After Resurrection, the Holes…

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I remember a line used by my catechism teachers when I was a kid that made reference to the holes made in Jesus’ hands and side. My teachers told me that this was used to prove to his disciples that it really was him after the resurrection, or more specifically, prove that the Lord really did die.

My teachers were onto something…that there was something really important about the resurrected Christ bearing, even in his ascended form, the scars of his ordeal on earth. The full implications of Christ bearing the holes of his crucifixion, however, came to light when reading James Alison’s Raising Abel, a book I bought more than a decade ago and had been sitting on my shelf, unread, ever since.

In that book, Alison makes reference to a line from one of the 14th-century English mystic Julian of Norwich’s many quotations (compiled in her Revelations of Divine Love ). There, Julian suggests that, in heaven, a person’s sins are not obliterated from the person, leaving no trace behind. Rather, their “tokens”, as Julian calls them, become transformed.  It must first be noted that sin per se cannot be in heaven, as Julian says, since sin is a negation of one’s being and so has no ability to be present in the presence of God who is the source of all being. In spite of the awfulness of sin, Julian says, God’s designs transforms what was a source of shame into a source of glory, first of the person but ultimately points to the glory of God.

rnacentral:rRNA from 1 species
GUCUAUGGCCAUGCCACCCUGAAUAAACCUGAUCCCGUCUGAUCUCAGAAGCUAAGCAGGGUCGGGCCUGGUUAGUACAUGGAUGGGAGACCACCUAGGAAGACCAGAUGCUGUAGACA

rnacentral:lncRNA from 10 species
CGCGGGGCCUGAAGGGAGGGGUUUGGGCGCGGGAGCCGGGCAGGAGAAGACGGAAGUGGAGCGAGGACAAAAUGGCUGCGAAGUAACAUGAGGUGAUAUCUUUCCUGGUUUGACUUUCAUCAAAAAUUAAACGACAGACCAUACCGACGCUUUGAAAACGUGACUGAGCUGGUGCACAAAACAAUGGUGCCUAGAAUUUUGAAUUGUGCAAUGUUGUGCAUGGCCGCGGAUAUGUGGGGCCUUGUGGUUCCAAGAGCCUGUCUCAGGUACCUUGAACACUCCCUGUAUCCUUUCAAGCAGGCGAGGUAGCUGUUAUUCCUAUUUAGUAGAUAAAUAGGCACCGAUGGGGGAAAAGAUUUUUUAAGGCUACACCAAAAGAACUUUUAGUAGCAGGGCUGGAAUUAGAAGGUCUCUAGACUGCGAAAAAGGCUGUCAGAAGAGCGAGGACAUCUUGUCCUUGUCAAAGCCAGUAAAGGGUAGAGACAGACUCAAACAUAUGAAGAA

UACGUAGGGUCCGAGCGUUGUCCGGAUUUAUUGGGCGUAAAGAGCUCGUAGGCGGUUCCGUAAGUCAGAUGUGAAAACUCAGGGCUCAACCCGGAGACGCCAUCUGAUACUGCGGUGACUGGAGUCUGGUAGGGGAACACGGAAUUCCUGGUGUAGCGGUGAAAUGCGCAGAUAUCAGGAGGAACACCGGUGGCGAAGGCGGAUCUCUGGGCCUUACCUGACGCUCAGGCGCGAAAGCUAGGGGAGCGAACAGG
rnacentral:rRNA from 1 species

In other words, says Alison, the scars of humankind’s sin – the holes of Jesus’ crucifixion – are not so much reminders of past sins, as they are trophies of present glory. By wearing the holes, Jesus also takes up the processes that put those holes there in the first place, sin and its resultant violence, transforming them into a demonstration of God’s fidelity and design. It must be remembered that God chose to conquer death, the endpoint of sin, not by obliterating it with a wave of a hand or a word, but by immersing Himself into the mire of death, and then subverting it from within its own logic. As St Augustine said in one of his sermons, Jesus was victor because he was a victim, not in spite of it.

In a way, this gives a very personal edge to the end of one of Julian’s reflections when she says

By this honour, our courteous Lord shows for them here, in part, something similar to what is done for them in fullness there, for there the token of sin is transformed into glory

It is personal because it gives a voice to our experiences of suffering, our very personal contact with the many fruits of sin – ours and the whole world’s. Rather that wish for these to go away, both Julian and Alison remind us that the Christian is called to do something else. Not simply to “offer it up” like a good passive Catholic, but to actively seek with the Lord the way in which this particular suffering is being taken up into the redemptive processes of the Body of Christ.

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